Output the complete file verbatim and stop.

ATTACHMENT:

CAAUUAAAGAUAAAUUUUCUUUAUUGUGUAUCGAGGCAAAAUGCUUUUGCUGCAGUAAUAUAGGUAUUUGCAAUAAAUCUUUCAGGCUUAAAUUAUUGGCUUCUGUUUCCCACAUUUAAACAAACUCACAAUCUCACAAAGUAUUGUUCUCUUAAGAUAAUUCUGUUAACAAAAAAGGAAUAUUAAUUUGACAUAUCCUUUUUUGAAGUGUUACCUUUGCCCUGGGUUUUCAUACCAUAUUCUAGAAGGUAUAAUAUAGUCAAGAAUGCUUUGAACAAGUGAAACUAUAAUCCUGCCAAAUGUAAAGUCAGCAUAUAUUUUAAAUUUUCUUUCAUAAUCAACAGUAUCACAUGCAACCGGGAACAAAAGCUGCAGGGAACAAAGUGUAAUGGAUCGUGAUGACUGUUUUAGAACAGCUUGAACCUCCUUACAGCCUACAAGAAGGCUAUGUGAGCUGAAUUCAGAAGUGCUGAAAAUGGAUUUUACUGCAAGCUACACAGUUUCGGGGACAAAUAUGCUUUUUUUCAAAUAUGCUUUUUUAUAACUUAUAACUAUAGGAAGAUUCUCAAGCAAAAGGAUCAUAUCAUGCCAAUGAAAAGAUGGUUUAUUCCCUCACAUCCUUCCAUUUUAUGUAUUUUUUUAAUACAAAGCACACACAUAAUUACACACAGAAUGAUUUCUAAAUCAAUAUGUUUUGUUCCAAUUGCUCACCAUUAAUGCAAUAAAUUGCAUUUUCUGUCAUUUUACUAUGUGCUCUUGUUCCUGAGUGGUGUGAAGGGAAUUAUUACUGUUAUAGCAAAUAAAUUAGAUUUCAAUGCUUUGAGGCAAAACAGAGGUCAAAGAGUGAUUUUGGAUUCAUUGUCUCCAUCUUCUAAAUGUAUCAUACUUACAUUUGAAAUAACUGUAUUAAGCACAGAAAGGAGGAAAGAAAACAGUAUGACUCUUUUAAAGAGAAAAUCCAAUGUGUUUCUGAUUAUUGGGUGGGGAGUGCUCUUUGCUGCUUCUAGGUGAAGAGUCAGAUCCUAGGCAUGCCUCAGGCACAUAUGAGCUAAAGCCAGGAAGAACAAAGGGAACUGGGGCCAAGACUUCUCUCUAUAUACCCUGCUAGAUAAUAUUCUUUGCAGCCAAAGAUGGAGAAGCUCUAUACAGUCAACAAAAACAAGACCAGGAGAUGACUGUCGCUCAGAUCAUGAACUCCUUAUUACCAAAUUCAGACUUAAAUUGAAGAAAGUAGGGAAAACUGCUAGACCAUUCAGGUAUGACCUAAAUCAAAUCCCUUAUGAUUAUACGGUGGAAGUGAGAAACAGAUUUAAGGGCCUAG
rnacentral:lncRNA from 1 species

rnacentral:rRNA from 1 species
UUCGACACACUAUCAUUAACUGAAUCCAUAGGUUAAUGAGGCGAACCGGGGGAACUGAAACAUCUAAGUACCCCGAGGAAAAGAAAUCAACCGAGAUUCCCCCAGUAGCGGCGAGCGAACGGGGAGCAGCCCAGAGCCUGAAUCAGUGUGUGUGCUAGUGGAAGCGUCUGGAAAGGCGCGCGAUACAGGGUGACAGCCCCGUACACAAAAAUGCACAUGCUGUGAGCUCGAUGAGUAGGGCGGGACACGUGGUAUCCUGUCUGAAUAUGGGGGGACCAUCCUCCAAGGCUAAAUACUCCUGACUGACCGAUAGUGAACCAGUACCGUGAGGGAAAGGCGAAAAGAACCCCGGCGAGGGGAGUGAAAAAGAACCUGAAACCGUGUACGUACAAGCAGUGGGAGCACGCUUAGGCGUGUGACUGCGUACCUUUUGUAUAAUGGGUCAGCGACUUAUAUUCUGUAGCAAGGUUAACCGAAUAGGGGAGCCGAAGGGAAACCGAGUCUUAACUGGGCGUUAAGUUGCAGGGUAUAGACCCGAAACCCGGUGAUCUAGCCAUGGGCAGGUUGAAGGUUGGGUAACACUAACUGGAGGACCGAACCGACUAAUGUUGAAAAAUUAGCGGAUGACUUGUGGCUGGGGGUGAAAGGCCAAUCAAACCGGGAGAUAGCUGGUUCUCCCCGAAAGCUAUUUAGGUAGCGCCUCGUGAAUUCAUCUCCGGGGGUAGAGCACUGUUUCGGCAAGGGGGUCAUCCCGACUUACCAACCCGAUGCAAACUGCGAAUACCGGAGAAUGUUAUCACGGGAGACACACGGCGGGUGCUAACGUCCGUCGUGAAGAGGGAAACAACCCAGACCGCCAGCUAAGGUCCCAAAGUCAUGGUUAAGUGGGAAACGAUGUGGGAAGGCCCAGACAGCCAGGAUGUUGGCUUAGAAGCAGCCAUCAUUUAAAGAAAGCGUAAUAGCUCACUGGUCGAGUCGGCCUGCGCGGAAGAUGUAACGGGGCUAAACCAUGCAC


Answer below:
CAAUUAAAGAUAAAUUUUCUUUAUUGUGUAUCGAGGCAAAAUGCUUUUGCUGCAGUAAUAUAGGUAUUUGCAAUAAAUCUUUCAGGCUUAAAUUAUUGGCUUCUGUUUCCCACAUUUAAACAAACUCACAAUCUCACAAAGUAUUGUUCUCUUAAGAUAAUUCUGUUAACAAAAAAGGAAUAUUAAUUUGACAUAUCCUUUUUUGAAGUGUUACCUUUGCCCUGGGUUUUCAUACCAUAUUCUAGAAGGUAUAAUAUAGUCAAGAAUGCUUUGAACAAGUGAAACUAUAAUCCUGCCAAAUGUAAAGUCAGCAUAUAUUUUAAAUUUUCUUUCAUAAUCAACAGUAUCACAUGCAACCGGGAACAAAAGCUGCAGGGAACAAAGUGUAAUGGAUCGUGAUGACUGUUUUAGAACAGCUUGAACCUCCUUACAGCCUACAAGAAGGCUAUGUGAGCUGAAUUCAGAAGUGCUGAAAAUGGAUUUUACUGCAAGCUACACAGUUUCGGGGACAAAUAUGCUUUUUUUCAAAUAUGCUUUUUUAUAACUUAUAACUAUAGGAAGAUUCUCAAGCAAAAGGAUCAUAUCAUGCCAAUGAAAAGAUGGUUUAUUCCCUCACAUCCUUCCAUUUUAUGUAUUUUUUUAAUACAAAGCACACACAUAAUUACACACAGAAUGAUUUCUAAAUCAAUAUGUUUUGUUCCAAUUGCUCACCAUUAAUGCAAUAAAUUGCAUUUUCUGUCAUUUUACUAUGUGCUCUUGUUCCUGAGUGGUGUGAAGGGAAUUAUUACUGUUAUAGCAAAUAAAUUAGAUUUCAAUGCUUUGAGGCAAAACAGAGGUCAAAGAGUGAUUUUGGAUUCAUUGUCUCCAUCUUCUAAAUGUAUCAUACUUACAUUUGAAAUAACUGUAUUAAGCACAGAAAGGAGGAAAGAAAACAGUAUGACUCUUUUAAAGAGAAAAUCCAAUGUGUUUCUGAUUAUUGGGUGGGGAGUGCUCUUUGCUGCUUCUAGGUGAAGAGUCAGAUCCUAGGCAUGCCUCAGGCACAUAUGAGCUAAAGCCAGGAAGAACAAAGGGAACUGGGGCCAAGACUUCUCUCUAUAUACCCUGCUAGAUAAUAUUCUUUGCAGCCAAAGAUGGAGAAGCUCUAUACAGUCAACAAAAACAAGACCAGGAGAUGACUGUCGCUCAGAUCAUGAACUCCUUAUUACCAAAUUCAGACUUAAAUUGAAGAAAGUAGGGAAAACUGCUAGACCAUUCAGGUAUGACCUAAAUCAAAUCCCUUAUGAUUAUACGGUGGAAGUGAGAAACAGAUUUAAGGGCCUAG
rnacentral:lncRNA from 1 species

rnacentral:rRNA from 1 species
UUCGACACACUAUCAUUAACUGAAUCCAUAGGUUAAUGAGGCGAACCGGGGGAACUGAAACAUCUAAGUACCCCGAGGAAAAGAAAUCAACCGAGAUUCCCCCAGUAGCGGCGAGCGAACGGGGAGCAGCCCAGAGCCUGAAUCAGUGUGUGUGCUAGUGGAAGCGUCUGGAAAGGCGCGCGAUACAGGGUGACAGCCCCGUACACAAAAAUGCACAUGCUGUGAGCUCGAUGAGUAGGGCGGGACACGUGGUAUCCUGUCUGAAUAUGGGGGGACCAUCCUCCAAGGCUAAAUACUCCUGACUGACCGAUAGUGAACCAGUACCGUGAGGGAAAGGCGAAAAGAACCCCGGCGAGGGGAGUGAAAAAGAACCUGAAACCGUGUACGUACAAGCAGUGGGAGCACGCUUAGGCGUGUGACUGCGUACCUUUUGUAUAAUGGGUCAGCGACUUAUAUUCUGUAGCAAGGUUAACCGAAUAGGGGAGCCGAAGGGAAACCGAGUCUUAACUGGGCGUUAAGUUGCAGGGUAUAGACCCGAAACCCGGUGAUCUAGCCAUGGGCAGGUUGAAGGUUGGGUAACACUAACUGGAGGACCGAACCGACUAAUGUUGAAAAAUUAGCGGAUGACUUGUGGCUGGGGGUGAAAGGCCAAUCAAACCGGGAGAUAGCUGGUUCUCCCCGAAAGCUAUUUAGGUAGCGCCUCGUGAAUUCAUCUCCGGGGGUAGAGCACUGUUUCGGCAAGGGGGUCAUCCCGACUUACCAACCCGAUGCAAACUGCGAAUACCGGAGAAUGUUAUCACGGGAGACACACGGCGGGUGCUAACGUCCGUCGUGAAGAGGGAAACAACCCAGACCGCCAGCUAAGGUCCCAAAGUCAUGGUUAAGUGGGAAACGAUGUGGGAAGGCCCAGACAGCCAGGAUGUUGGCUUAGAAGCAGCCAUCAUUUAAAGAAAGCGUAAUAGCUCACUGGUCGAGUCGGCCUGCGCGGAAGAUGUAACGGGGCUAAACCAUGCAC